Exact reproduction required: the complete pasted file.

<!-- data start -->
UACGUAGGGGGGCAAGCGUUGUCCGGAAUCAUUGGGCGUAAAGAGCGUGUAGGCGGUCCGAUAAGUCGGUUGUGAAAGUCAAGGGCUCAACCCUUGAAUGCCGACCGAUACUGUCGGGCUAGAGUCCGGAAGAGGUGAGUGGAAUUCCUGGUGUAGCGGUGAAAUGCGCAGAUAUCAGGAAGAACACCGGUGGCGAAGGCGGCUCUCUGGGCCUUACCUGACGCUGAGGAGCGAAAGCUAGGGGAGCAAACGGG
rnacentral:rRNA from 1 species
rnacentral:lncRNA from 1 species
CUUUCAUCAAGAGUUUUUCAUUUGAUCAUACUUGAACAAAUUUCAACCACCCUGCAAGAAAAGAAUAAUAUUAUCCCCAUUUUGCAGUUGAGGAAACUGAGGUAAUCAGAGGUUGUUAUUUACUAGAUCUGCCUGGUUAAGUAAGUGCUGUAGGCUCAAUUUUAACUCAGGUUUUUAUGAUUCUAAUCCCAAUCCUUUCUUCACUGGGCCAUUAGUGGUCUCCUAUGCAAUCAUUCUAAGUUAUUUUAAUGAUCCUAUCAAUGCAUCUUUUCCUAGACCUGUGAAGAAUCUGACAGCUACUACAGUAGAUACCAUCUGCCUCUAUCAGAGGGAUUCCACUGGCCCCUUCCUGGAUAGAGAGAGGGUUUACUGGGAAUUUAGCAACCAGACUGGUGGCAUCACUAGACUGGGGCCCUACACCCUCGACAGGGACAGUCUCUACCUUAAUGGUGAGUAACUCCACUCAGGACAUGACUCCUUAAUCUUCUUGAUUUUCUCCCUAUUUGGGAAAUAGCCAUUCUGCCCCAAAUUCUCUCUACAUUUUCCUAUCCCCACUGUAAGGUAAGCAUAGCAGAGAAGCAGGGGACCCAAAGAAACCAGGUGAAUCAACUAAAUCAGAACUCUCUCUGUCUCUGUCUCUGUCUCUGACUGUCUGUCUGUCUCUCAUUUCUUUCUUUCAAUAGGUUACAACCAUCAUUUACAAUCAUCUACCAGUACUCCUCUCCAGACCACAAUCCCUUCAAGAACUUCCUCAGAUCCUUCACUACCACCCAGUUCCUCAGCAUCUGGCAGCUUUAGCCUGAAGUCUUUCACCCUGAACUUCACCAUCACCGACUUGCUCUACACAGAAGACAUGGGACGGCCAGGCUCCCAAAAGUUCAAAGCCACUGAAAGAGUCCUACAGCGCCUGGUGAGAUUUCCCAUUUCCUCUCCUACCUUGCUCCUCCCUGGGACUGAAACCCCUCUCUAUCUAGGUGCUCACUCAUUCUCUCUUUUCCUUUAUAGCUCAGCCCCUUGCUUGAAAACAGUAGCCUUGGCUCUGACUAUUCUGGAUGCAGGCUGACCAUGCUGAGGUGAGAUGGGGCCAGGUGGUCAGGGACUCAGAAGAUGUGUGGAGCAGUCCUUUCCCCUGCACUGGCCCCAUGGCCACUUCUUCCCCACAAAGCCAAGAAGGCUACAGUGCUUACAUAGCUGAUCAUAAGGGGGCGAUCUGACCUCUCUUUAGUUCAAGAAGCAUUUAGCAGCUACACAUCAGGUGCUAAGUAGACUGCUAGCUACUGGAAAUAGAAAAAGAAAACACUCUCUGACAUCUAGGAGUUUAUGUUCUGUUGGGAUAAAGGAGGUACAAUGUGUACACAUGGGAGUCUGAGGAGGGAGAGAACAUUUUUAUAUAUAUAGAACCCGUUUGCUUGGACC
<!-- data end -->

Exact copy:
UACGUAGGGGGGCAAGCGUUGUCCGGAAUCAUUGGGCGUAAAGAGCGUGUAGGCGGUCCGAUAAGUCGGUUGUGAAAGUCAAGGGCUCAACCCUUGAAUGCCGACCGAUACUGUCGGGCUAGAGUCCGGAAGAGGUGAGUGGAAUUCCUGGUGUAGCGGUGAAAUGCGCAGAUAUCAGGAAGAACACCGGUGGCGAAGGCGGCUCUCUGGGCCUUACCUGACGCUGAGGAGCGAAAGCUAGGGGAGCAAACGGG
rnacentral:rRNA from 1 species
rnacentral:lncRNA from 1 species
CUUUCAUCAAGAGUUUUUCAUUUGAUCAUACUUGAACAAAUUUCAACCACCCUGCAAGAAAAGAAUAAUAUUAUCCCCAUUUUGCAGUUGAGGAAACUGAGGUAAUCAGAGGUUGUUAUUUACUAGAUCUGCCUGGUUAAGUAAGUGCUGUAGGCUCAAUUUUAACUCAGGUUUUUAUGAUUCUAAUCCCAAUCCUUUCUUCACUGGGCCAUUAGUGGUCUCCUAUGCAAUCAUUCUAAGUUAUUUUAAUGAUCCUAUCAAUGCAUCUUUUCCUAGACCUGUGAAGAAUCUGACAGCUACUACAGUAGAUACCAUCUGCCUCUAUCAGAGGGAUUCCACUGGCCCCUUCCUGGAUAGAGAGAGGGUUUACUGGGAAUUUAGCAACCAGACUGGUGGCAUCACUAGACUGGGGCCCUACACCCUCGACAGGGACAGUCUCUACCUUAAUGGUGAGUAACUCCACUCAGGACAUGACUCCUUAAUCUUCUUGAUUUUCUCCCUAUUUGGGAAAUAGCCAUUCUGCCCCAAAUUCUCUCUACAUUUUCCUAUCCCCACUGUAAGGUAAGCAUAGCAGAGAAGCAGGGGACCCAAAGAAACCAGGUGAAUCAACUAAAUCAGAACUCUCUCUGUCUCUGUCUCUGUCUCUGACUGUCUGUCUGUCUCUCAUUUCUUUCUUUCAAUAGGUUACAACCAUCAUUUACAAUCAUCUACCAGUACUCCUCUCCAGACCACAAUCCCUUCAAGAACUUCCUCAGAUCCUUCACUACCACCCAGUUCCUCAGCAUCUGGCAGCUUUAGCCUGAAGUCUUUCACCCUGAACUUCACCAUCACCGACUUGCUCUACACAGAAGACAUGGGACGGCCAGGCUCCCAAAAGUUCAAAGCCACUGAAAGAGUCCUACAGCGCCUGGUGAGAUUUCCCAUUUCCUCUCCUACCUUGCUCCUCCCUGGGACUGAAACCCCUCUCUAUCUAGGUGCUCACUCAUUCUCUCUUUUCCUUUAUAGCUCAGCCCCUUGCUUGAAAACAGUAGCCUUGGCUCUGACUAUUCUGGAUGCAGGCUGACCAUGCUGAGGUGAGAUGGGGCCAGGUGGUCAGGGACUCAGAAGAUGUGUGGAGCAGUCCUUUCCCCUGCACUGGCCCCAUGGCCACUUCUUCCCCACAAAGCCAAGAAGGCUACAGUGCUUACAUAGCUGAUCAUAAGGGGGCGAUCUGACCUCUCUUUAGUUCAAGAAGCAUUUAGCAGCUACACAUCAGGUGCUAAGUAGACUGCUAGCUACUGGAAAUAGAAAAAGAAAACACUCUCUGACAUCUAGGAGUUUAUGUUCUGUUGGGAUAAAGGAGGUACAAUGUGUACACAUGGGAGUCUGAGGAGGGAGAGAACAUUUUUAUAUAUAUAGAACCCGUUUGCUUGGACC